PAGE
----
PROJECT I (Kl: CROWLEY) The developmental biology of GnRH in humans involves a complex interplay of biochemical and genetic systems all interacting over time and space. Notably, defects in GnRH neuronal ontogeny and function underlie a range of reproductive disorders which account for significant health care expenditures related to its consequent infertility. In the past cycle, strong collaborations between Project I and our Administrative and Phenotyping, Genotyping, and Bioinformatics Cores (Cores A &B), have allowed our Center to assemble a population of >1,300 patients/families with GnRH deficiency. We have successfully used this cohort to identify novel genes affecting the biology of the GnRH neurons and define patient phenotypes. This expanding database;its unique phenotypes and increasing genotypes;our global network of referring physicians and our increasing bioinformatic infrastructure provides a unique 'platform for human gene discovery'that will permit us to use state-of-the art genetic and genomic tools to augment the power, speed, and resolution of our gene discovery program.
In Specific Aim 1, we will use contemporary genetic and genomic tools including endogamous populations; copy number variations and methylation pattern analysis;and whole exomic sequencing to identify novel genes underlying human isolated GnRH deficiency.
Specific Aim 1 will also map the oligogenic interactions between the genes in the pathogenesis of isolated GnRH deficiency in humans.
In Specific Aim 2, we will characterize the full genotypic-phenotypic spectrum of these new genes in the human and use the identified mutated regions of the genes to define their domain-specific biologic interactions. Finally, in Specific Aim 3, we will define the rotes played by these new genes causing isolated GnRH deficiency in common reproductive disorders such as hypothalamic amenorrhea (HA), delayed and precocious puberty.

Public Health Relevance

This project aims to identify the genes which control puberty and reproduction in the human. By gaining a better understanding of the genetic basis of reproductive disorders we can begin to develop better diagnostic approaches, new treatment, and better counsel patients and families with these conditions.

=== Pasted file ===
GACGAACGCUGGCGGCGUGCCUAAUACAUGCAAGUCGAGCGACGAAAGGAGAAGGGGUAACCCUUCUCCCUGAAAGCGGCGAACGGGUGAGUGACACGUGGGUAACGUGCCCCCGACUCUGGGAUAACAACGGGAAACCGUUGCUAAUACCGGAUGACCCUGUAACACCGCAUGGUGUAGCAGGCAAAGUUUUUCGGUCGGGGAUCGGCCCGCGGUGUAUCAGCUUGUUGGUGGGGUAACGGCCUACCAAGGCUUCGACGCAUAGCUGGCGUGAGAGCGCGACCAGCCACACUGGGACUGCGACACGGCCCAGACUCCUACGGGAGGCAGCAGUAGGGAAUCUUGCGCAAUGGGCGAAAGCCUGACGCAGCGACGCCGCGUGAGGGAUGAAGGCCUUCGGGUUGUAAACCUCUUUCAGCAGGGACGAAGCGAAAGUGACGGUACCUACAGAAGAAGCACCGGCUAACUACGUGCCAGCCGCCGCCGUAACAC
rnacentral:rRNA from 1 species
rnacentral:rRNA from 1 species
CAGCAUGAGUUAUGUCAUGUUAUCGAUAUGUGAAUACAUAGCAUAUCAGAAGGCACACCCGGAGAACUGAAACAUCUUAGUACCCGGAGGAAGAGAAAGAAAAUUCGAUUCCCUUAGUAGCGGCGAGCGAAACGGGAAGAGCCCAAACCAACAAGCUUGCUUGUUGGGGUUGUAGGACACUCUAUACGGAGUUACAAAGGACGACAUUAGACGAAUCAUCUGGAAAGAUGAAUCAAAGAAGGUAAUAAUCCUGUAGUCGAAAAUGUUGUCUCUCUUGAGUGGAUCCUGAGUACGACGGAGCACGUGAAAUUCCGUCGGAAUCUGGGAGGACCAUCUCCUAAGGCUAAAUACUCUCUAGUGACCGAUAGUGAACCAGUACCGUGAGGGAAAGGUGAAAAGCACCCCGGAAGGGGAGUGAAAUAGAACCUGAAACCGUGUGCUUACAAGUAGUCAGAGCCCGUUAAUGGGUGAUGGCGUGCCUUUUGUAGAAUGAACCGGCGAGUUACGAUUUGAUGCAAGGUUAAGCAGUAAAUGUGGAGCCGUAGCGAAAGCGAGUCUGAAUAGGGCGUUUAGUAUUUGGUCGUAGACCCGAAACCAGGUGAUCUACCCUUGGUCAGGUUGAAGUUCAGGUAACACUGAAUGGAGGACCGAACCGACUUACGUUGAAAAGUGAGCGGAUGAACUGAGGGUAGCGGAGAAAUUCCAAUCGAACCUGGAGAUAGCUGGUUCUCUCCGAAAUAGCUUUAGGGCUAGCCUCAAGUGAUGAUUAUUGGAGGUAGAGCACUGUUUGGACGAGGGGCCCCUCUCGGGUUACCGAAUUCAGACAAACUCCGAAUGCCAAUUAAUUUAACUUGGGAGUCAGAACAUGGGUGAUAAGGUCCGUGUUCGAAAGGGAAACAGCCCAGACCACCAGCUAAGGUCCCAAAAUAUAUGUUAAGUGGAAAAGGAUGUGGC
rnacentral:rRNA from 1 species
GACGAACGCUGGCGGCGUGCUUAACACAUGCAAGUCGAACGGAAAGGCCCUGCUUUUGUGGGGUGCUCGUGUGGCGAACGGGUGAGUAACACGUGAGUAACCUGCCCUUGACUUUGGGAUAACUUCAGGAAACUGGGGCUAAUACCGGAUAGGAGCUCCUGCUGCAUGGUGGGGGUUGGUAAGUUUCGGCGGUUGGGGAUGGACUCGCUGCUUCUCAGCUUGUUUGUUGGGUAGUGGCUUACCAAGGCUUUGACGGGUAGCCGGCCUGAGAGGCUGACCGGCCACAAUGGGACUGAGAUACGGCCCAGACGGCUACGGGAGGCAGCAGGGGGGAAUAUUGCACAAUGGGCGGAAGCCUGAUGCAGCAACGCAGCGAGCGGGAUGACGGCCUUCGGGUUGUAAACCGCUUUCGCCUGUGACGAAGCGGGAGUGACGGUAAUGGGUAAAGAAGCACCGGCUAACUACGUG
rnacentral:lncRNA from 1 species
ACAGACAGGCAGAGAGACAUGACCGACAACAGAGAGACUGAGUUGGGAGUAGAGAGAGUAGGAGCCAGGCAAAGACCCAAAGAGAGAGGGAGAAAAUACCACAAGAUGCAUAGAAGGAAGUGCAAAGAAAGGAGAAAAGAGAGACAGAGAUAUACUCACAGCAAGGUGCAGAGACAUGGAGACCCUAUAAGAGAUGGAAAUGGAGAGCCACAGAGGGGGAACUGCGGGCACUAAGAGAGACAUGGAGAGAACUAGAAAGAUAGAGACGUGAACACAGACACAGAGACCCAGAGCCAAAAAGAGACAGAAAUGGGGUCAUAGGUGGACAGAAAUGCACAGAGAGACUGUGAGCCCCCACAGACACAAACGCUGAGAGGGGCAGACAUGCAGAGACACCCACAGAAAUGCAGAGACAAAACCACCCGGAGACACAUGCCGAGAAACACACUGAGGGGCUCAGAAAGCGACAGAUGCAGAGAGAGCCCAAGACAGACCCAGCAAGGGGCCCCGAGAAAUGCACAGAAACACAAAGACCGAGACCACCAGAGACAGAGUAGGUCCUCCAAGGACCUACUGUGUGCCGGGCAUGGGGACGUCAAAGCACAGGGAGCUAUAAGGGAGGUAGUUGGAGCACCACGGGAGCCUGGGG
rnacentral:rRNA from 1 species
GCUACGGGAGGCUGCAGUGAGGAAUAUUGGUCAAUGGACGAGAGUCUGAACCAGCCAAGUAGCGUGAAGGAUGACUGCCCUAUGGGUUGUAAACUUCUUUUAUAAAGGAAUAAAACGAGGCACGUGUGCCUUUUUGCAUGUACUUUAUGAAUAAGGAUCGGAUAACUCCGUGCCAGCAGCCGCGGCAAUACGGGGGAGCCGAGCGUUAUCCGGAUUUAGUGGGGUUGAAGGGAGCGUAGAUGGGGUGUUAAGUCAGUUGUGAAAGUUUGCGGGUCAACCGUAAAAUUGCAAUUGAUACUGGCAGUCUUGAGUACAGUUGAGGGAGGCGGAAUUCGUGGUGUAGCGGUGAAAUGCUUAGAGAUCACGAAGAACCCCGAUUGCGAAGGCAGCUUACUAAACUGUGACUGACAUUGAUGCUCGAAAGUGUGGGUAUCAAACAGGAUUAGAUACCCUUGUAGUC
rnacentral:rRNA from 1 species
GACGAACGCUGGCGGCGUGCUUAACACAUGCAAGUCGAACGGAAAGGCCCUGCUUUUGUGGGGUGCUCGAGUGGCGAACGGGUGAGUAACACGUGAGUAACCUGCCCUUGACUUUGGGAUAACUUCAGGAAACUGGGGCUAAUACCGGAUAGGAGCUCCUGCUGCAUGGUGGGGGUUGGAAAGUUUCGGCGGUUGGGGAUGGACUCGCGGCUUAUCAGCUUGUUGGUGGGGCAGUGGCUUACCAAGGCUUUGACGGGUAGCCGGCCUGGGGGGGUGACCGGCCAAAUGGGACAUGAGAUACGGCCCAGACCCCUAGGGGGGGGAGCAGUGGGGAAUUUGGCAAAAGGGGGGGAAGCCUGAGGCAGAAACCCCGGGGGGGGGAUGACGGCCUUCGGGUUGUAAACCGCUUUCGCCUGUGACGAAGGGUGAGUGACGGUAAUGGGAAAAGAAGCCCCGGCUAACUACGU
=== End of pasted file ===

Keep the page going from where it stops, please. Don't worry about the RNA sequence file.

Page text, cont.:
Agency
National Institute of Health (NIH)
Institute
Eunice Kennedy Shriver National Institute of Child Health & Human Development (NICHD)
Type
Specialized Center--Cooperative Agreements (U54)
Project #
5U54HD028138-23
Application #
8452609
Study Section
Special Emphasis Panel (ZHD1-DSR-L)
Project Start
Project End
Budget Start
2013-04-01
Budget End
2014-03-31
Support Year
23
Fiscal Year
2013
Total Cost
$318,452
Indirect Cost
$116,139
Name
Massachusetts General Hospital
Department
Type
DUNS #
073130411
City
Boston
State
MA
Country
United States
Zip Code
02199
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Martin, Cecilia; Navarro, VĂ­ctor M; Simavli, Serap et al. (2014) Leptin-responsive GABAergic neurons regulate fertility through pathways that result in reduced kisspeptinergic tone. J Neurosci 34:6047-56
Ahow, Maryse; Min, Le; Pampillo, Macarena et al. (2014) KISS1R signals independently of G?q/11 and triggers LH secretion via the ?-arrestin pathway in the male mouse. Endocrinology 155:4433-46
Thompson, Iain R; Kaiser, Ursula B (2014) GnRH pulse frequency-dependent differential regulation of LH and FSH gene expression. Mol Cell Endocrinol 385:28-35
Noel, Sekoni D; Abreu, Ana Paula; Xu, Shuyun et al. (2014) TACR3 mutations disrupt NK3R function through distinct mechanisms in GnRH-deficient patients. FASEB J 28:1924-37
Min, Le; Soltis, Kathleen; Reis, Ana Claudia S et al. (2014) Dynamic kisspeptin receptor trafficking modulates kisspeptin-mediated calcium signaling. Mol Endocrinol 28:16-27
Salian-Mehta, S; Xu, M; Knox, A J et al. (2014) Functional consequences of AXL sequence variants in hypogonadotropic hypogonadism. J Clin Endocrinol Metab 99:1452-60
Kaiser, Ursula B (2014) Editorial: advances in neuroscience: the BRAIN initiative and implications for neuroendocrinology. Mol Endocrinol 28:1589-91
Macedo, Delanie B; Abreu, Ana Paula; Reis, Ana Claudia S et al. (2014) Central precocious puberty that appears to be sporadic caused by paternally inherited mutations in the imprinted gene makorin ring finger 3. J Clin Endocrinol Metab 99:E1097-103
Beneduzzi, Daiane; Trarbach, Ericka B; Min, Le et al. (2014) Role of gonadotropin-releasing hormone receptor mutations in patients with a wide spectrum of pubertal delay. Fertil Steril 102:838-846.e2

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